Jodie Foster's performance is frankly pretty silly. She over emotes a lot and willingly behaves in a wacky manner quite frequently. She's definitely playing the part as if she's performing for a group of kids, but I'm willing to forgive that. Foster deserves a chance to play a fun part with absolutely no substance whatsoever; it's a nice break from her countless turns as a victimized woman in violent crime thrillers. Gerard Butler is pleasant and convincing as Nim's kind father, but hams it up during his scenes as Alex Rover. The film belongs to Abigail Breslin, who is filling her role as the new Dakota Fanning quite nicely. Her obvious enthusiasm goes a long way towards making the movie work.
The hi-def transfer is pretty gorgeous, beautifully highlighting the lush scenery in the film. Flesh tones are good, blacks are deep. The lossless audio is excellent, as you would expect it to be. Patrick Doyle's robust score blends nicely with all the nature sounds on the island. The disc is jam-packed with extras, though these are hit-and-miss. A commentary with Jodie Foster and Abigail Breslin has a couple of nice moments, but it's very quiet…there are way too many dead spots to make it a worthwhile listen. A track featuring the writing/directing team of Mark Levin and Jennifer Flackett is more engaging. The "Nim's Spyglass Bonus View Mode" lets you watch the film with occasional video interviews and behind-the-scenes footage popping up here and there. Not a whole lot of interest there, honestly. There are three decent little featurettes (nice), three games for the kiddies (meh), a trivia track (okay), and deleted scenes (hit and miss).
The Rebuttal Witnesses
I must admit that I am concerned about a message that Nim's Island may be sending out unintentionally. Think about this for a moment. Nim receives an e-mail from someone she has never met. The e-mail asks, "Who are you, Nim? How old are you? Are you alone on your island?" Those questions have some creepy undertones outside the context of this movie. In today's world where internet predators are a very real and dangerous threat to children, ignorance of internet safety is not a good move in a movie aimed at young kids.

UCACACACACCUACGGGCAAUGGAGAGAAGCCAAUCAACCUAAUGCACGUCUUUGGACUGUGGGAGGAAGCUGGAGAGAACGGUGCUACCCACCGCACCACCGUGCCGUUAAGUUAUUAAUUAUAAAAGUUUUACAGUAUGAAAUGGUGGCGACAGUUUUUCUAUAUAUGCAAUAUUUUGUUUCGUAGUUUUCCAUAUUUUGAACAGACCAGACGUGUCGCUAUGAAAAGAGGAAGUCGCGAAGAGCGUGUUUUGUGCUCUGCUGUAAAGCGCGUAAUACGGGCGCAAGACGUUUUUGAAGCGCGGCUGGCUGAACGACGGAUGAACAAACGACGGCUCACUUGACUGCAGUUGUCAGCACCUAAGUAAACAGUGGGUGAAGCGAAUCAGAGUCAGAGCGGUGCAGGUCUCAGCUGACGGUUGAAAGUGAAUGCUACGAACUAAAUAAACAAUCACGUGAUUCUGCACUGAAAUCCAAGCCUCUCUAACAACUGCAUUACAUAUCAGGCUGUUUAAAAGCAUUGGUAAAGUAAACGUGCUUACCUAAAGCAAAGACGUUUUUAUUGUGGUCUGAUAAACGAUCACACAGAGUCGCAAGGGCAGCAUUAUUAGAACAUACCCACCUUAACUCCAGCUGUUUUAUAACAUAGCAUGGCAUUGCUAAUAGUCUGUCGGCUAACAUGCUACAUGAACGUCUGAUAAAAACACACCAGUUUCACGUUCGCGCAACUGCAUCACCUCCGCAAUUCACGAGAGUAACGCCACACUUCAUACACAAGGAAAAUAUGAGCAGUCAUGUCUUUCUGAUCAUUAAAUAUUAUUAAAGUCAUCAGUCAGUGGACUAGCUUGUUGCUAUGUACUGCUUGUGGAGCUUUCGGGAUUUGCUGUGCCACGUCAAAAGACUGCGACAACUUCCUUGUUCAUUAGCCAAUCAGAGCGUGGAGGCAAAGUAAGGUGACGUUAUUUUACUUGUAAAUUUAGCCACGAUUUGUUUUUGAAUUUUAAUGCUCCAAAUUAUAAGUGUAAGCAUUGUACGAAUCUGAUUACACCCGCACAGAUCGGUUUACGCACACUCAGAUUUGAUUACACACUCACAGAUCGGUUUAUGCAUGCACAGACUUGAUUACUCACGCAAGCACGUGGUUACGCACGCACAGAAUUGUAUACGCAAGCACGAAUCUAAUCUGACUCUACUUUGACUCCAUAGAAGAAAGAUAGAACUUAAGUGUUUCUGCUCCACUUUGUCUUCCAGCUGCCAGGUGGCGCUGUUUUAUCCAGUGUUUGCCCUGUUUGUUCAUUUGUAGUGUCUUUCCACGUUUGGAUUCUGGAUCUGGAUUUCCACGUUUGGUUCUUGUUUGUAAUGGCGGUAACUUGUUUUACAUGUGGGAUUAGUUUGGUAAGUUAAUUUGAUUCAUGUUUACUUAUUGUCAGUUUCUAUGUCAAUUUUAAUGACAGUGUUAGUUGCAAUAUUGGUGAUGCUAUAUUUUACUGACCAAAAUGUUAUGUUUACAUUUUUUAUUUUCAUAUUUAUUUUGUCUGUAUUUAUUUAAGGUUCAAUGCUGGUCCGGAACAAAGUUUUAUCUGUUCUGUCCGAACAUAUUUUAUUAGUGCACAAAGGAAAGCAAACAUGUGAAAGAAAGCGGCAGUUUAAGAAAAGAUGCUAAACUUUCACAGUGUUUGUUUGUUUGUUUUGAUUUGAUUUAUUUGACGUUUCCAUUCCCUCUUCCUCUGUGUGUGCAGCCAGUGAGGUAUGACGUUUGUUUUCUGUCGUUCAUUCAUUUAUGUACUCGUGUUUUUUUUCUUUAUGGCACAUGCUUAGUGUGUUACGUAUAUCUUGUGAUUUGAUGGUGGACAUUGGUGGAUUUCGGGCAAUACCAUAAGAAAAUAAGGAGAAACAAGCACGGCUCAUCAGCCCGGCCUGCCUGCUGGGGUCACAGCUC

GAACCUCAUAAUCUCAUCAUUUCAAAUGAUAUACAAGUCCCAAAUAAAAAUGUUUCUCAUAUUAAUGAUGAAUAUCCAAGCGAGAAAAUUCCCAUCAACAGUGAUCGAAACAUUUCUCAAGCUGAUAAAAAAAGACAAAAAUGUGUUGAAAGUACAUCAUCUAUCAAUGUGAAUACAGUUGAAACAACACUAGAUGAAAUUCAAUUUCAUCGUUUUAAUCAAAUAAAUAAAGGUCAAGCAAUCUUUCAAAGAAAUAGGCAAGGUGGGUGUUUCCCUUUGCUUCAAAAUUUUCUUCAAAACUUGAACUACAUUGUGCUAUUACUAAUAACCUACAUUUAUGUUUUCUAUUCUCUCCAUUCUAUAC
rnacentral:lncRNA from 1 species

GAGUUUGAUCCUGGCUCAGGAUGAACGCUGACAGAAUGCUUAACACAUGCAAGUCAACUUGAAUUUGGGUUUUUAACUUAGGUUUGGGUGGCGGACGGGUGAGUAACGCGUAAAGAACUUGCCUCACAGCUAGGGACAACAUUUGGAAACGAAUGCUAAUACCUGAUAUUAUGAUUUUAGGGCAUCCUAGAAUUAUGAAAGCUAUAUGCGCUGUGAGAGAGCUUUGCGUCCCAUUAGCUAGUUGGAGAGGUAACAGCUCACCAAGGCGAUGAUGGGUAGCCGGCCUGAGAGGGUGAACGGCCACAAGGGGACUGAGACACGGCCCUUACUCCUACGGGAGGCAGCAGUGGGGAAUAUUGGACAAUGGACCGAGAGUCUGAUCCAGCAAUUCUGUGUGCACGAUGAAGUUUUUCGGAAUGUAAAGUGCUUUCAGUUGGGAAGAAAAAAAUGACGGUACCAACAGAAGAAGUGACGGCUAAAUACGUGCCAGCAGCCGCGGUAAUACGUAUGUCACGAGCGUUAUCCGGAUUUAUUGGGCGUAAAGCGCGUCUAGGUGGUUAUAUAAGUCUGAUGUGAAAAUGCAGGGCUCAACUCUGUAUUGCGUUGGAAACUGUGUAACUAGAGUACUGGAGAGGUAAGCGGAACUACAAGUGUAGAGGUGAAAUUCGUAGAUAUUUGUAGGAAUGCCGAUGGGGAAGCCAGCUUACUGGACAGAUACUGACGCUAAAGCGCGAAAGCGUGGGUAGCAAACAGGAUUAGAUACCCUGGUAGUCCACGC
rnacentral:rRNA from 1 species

On a less important note, do we really need a farting seal in this movie? Or scenes where people get trapped inside port-a-potties that are subsequently knocked over? Come on. In fact, the whole sequence in which Nim must save her island from evil tourists by attacking them with various creatures is pretty wretched.
Would I recommend Nim's Island? That depends on who you are. Most kids will almost assuredly like it, and adults watching it with kids may find it pleasant, if not quite enjoyable. It's a good pick for babysitters, but aimed too specifically at kids to make it a worthwhile Friday night flick for the whole family.
Because I'm a nice guy, I'll go with not guilty. However, I'd better not see
any kind of Nim's Island 2 monkey business going on. Court is
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Scales of Justice
• Commentary w/Jodie Foster and Abigail Breslin